In this case, by the annexation of the Indian country to the State of Arkansas, in pursuance of the act of 1844, for the punishment of crimes committed in that country, the place of indictment and trial was in the circuit court of the United States for that state in which the indictment has been found and was pending in 1851, when the Western District was set off, and as that change did not affect the jurisdiction of the court as it respected pending cases, but remained the same after the alteration of the district as before, it follows that the trial of the indictment in this Court will be at the place and in the court as prescribed by law, which is all that is required in the case of an offense committed out of the limits of a state.

We shall direct, therefore, an answer in the negative, to be certified to the court below to the first question sent up for our decision, as we are of opinion the court possesses jurisdiction to hear and give judgment on the indictment.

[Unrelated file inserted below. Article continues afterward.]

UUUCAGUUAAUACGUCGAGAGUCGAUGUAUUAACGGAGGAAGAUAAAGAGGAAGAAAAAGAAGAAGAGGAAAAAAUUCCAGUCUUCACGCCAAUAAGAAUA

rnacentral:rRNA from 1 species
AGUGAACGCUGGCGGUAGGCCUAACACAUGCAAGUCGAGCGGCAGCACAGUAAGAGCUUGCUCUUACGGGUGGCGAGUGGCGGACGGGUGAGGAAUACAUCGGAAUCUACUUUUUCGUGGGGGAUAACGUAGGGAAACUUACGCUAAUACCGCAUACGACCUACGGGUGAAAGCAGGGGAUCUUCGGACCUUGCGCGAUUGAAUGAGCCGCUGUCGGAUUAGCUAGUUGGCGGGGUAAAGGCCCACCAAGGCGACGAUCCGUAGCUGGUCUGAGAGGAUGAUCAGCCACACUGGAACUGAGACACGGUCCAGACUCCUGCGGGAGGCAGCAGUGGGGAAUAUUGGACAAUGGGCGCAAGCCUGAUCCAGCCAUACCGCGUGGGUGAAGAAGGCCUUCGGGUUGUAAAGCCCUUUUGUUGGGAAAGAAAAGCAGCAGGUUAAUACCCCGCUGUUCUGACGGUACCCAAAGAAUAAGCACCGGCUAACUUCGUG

The second question sent up in the division of opinion is as follows:

"Can the District Court of the United States for the Western District of Arkansas take jurisdiction of the case aforesaid upon the indictment aforesaid, so found, in the year 1845, in said circuit court for the District of Arkansas?"

As our conclusion upon the first question supersedes the necessity of passing upon the second, it will be unnecessary to examine it, and shall therefore confine our answer and certificate to the court below to the first.

Page 56 U. S. 489

MR. JUSTICE McLEAN dissented.

MR. JUSTICE McLEAN,

The facts and law of this case, as I understand them, have led me to a different conclusion from that of a majority of the Court. The twenty-fourth section of the Act of 30 June, 1834, after making various provisions defining the limits of the Indian country and imposing penalties for several offenses by white persons, provides

"That for the sole purpose of carrying this act into effect, the Indian country, bounded east by Arkansas and Missouri, west by Mexico, north by the Osage country, and south by Red River, shall be and hereby is annexed to the Territory of Arkansas."

On the 8th of July, 1844, a murder was committed at the Creek agency, in the Creek country, west of Arkansas, for which the grand jury found a bill of indictment in the circuit court of Arkansas, at April term, 1845.